WASHINGTON, D.C. – U.S. Senator Sherrod Brown (D-OH) joined U.S. Representative Joyce Beatty (OH-03) and Sen. Ron Wyden (D-OR) in requesting an investigation into the events leading up to the tragic death of 16-year-old Ma’Khia Bryant on behalf of Paula Bryant and Myron Hammonds, Ma’Khia Bryant’s birth parents.

Before she was tragically shot to death by a police officer responding to a domestic dispute call, Ma’Khia Bryant spent two years moving between at least five different foster care homes. State-level data show that Ohio children are placed in the foster care system at a rate 10 percent higher than the national average. Despite research that shows that kinship care is beneficial to children’s health, well-being, and cultural identity, Ohio provides far less financial support to a child in state custody who is placed with a kinship caregiver than it gives to a child placed in a licensed foster care setting.

“The federal government has an obligation to protect the civil rights of all individuals, and especially those children, young people, and parents involved in federally-funded child welfare systems,” wrote the lawmakers.

“When a child dies in foster care, the system has failed. It failed Ma’Khia Bryant, who lived in her foster family home for about two months before a police officer shot and killed her in front of that home on April 20, 2021,” the lawmakers continued.

In December, Brown and Wyden led a letter to Principal Deputy Inspector General for HHS, Christi Grimm requesting an investigation into child abuse at federally funded treatment centers. 

A copy of the letter is available here and below:

Acting Assistant Secretary JooYeun Chang

Administration for Children & Families

U.S. Department of Health and Human Services

330 C Street, S.W.

Washington, D.C. 20201

 

Acting Director Robinsue Frohboese

Office for Civil Rights

U.S. Department of Health and Human Services

200 Independence Avenue, S.W.
Washington, D.C. 20201

 

Dear Acting Assistant Secretary Chang & Acting Director Frohboese: 

I write to request an investigation into the events leading up to the tragic death of 16-year-old Ma’Khia Bryant on behalf of Paula Bryant and Myron Hammonds, Ma’Khia Bryant’s birth parents. Ma’Khia should be alive today. At the time of her death, Ma’Khia was in the custody of Franklin County Children Services (FCCS), which is currently reviewing the details of Ma’Khia’s case. I urge the Department of Health and Human Services’ (HHS) Administration for Children and Families (ACF) to provide assistance to FCCS during their review of Ma’Khia’s case and request HHS’ Office for Civil Rights (OCR) launch an independent investigation into events leading up to her death. 

The federal government has an obligation to protect the civil rights of all individuals, and especially those children, young people, and parents involved in federally-funded child welfare systems. Federal law requires states receiving funds under Title IV-E of the Social Security Act to comply with State requirements related to the health and safety of children in foster care. When a child dies in foster care, the system has failed. It failed Ma’Khia Bryant, who lived in her foster family home for about two months before a police officer shot and killed her in front of that home on April 20, 2021.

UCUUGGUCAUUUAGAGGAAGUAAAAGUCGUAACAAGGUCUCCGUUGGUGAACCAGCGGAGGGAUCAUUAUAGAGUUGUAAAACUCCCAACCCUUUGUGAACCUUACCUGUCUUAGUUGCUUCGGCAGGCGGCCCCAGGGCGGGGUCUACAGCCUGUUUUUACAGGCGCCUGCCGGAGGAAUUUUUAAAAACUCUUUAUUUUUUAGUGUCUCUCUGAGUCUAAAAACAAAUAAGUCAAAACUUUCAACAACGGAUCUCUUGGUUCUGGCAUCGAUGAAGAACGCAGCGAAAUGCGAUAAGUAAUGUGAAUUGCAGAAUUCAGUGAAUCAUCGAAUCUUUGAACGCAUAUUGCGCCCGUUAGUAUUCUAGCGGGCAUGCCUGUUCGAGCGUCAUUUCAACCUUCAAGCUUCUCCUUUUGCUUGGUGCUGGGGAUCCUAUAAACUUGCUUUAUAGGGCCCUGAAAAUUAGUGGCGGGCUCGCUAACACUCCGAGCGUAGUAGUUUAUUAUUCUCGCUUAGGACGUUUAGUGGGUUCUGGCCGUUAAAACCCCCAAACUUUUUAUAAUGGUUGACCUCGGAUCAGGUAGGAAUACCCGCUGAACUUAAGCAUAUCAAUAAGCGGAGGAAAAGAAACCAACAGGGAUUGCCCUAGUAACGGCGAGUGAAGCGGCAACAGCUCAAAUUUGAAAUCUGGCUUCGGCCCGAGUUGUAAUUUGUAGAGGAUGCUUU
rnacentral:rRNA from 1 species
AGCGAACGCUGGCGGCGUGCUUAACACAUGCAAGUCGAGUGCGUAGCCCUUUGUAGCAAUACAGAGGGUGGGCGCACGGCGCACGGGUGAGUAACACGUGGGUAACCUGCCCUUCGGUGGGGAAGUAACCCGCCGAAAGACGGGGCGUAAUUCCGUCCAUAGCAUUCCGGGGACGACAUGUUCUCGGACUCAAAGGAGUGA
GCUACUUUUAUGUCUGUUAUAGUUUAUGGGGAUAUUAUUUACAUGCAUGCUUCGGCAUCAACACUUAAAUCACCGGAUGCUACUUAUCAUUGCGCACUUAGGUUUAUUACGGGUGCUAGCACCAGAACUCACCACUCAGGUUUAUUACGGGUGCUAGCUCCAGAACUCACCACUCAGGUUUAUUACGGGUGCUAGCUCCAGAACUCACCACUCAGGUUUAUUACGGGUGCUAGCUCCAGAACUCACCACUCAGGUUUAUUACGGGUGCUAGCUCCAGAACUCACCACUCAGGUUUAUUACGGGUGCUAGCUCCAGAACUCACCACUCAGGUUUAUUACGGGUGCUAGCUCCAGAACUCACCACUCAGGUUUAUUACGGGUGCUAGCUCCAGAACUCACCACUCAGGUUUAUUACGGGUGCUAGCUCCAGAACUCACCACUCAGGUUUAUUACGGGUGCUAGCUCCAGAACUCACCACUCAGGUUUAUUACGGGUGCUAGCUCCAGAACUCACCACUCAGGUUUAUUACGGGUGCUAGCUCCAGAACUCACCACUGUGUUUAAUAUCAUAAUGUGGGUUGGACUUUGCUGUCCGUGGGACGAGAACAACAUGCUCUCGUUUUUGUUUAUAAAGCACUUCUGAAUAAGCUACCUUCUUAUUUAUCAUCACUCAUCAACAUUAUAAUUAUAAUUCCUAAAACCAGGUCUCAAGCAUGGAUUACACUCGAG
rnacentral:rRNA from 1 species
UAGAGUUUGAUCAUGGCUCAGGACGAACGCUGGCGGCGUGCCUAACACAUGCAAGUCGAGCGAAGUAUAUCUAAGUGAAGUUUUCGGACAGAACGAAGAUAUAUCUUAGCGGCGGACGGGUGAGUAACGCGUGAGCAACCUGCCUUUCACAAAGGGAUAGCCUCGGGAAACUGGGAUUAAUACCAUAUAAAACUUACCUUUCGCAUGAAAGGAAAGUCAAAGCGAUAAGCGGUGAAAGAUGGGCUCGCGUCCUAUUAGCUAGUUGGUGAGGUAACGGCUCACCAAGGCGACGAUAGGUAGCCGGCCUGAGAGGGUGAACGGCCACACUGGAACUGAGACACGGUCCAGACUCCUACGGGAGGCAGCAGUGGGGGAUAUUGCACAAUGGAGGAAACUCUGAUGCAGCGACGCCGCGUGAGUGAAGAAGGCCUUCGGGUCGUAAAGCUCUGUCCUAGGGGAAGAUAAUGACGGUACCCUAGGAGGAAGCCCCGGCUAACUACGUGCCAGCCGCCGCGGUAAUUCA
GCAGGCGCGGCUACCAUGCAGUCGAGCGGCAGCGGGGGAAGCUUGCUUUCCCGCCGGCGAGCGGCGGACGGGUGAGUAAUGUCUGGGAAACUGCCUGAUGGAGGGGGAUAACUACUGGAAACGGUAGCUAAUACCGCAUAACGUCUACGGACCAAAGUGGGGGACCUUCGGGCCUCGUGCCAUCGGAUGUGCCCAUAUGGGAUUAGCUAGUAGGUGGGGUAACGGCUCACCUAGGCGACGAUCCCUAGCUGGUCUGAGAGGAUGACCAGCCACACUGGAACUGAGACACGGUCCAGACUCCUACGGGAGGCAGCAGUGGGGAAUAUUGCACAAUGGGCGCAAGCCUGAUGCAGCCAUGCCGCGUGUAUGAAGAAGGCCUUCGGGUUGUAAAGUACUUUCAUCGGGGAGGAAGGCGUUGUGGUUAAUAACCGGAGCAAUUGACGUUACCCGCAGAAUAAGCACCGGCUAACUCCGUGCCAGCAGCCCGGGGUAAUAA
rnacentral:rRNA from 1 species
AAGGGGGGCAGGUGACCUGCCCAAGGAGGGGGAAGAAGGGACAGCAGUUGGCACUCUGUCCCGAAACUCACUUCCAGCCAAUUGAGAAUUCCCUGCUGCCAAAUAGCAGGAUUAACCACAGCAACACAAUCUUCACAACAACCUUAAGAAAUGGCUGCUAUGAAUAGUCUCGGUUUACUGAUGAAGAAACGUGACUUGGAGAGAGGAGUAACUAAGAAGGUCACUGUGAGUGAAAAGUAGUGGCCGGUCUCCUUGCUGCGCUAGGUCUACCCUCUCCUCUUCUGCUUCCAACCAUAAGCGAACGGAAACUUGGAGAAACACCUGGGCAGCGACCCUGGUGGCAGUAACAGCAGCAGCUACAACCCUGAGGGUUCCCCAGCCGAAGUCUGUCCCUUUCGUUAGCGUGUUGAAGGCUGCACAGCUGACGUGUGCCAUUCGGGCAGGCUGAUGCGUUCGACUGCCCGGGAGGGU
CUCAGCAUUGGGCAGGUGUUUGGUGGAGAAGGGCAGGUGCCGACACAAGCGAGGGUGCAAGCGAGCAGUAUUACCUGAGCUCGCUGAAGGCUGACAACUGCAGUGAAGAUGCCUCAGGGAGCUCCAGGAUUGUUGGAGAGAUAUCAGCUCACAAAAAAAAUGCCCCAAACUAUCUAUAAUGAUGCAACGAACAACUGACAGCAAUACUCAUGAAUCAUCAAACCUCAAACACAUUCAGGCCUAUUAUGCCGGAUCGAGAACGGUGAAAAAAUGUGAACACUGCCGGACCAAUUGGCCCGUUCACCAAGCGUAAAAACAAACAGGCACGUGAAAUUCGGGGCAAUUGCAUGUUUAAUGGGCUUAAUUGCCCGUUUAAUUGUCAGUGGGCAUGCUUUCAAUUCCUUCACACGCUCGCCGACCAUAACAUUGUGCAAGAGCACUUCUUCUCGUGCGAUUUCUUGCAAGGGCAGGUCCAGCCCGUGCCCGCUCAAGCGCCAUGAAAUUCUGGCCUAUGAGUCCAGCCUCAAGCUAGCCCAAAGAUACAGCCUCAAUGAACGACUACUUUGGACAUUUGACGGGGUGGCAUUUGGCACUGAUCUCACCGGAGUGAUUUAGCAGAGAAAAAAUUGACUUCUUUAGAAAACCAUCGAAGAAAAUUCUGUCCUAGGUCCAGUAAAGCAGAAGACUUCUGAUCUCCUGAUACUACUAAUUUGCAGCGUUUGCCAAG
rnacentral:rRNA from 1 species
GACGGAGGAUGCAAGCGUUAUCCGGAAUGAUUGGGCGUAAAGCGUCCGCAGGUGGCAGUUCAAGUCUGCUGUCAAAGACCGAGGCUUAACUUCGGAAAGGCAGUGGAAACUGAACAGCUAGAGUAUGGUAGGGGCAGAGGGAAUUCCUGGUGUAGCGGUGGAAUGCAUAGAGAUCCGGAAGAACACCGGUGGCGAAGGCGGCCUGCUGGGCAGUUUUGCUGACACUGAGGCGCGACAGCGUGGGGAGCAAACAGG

Make no mistake—the foster care system is broken. There is a nationwide shortage of foster parents. Meanwhile, child poverty, a lack of resources for grandparents and kinship care providers, and barriers to affordable housing and quality mental health services all increase the likelihood of child welfare involvement. Data show that young Black Americans are more likely to die from police gunfire than young white Americans.[1] These inequities played out in Ma’Khia’s life and are all too familiar for children and young people in the foster care system, particularly Black and brown children who are overrepresented in the child welfare system. OCR’s investigation should examine whether the State of Ohio and FCCS complied with federal non-discrimination services in the provision of child welfare programs and activities, including but not limited to child removals, foster care placement, development of maintenance of foster family home standards that protect children’s civil rights, and safety risk assessments.

One child’s death is one too many, and we cannot let these children slip through the cracks. I support the request of Paula Bryant and Myron Hammonds to initiate an investigation into the circumstances leading up to Ma’Khia’s death so that they may receive the clarity they deserve on the death of their daughter. Therefore, it is critical that ACF provide any assistance necessary to support the FCCS review, and that OCR launch an independent investigation into events leading up to Ma’Khia’s death and into the local and state entities charged with her care. 

Sincerely,

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[1] https://pediatrics.aappublications.org/content/146/6/e2020015917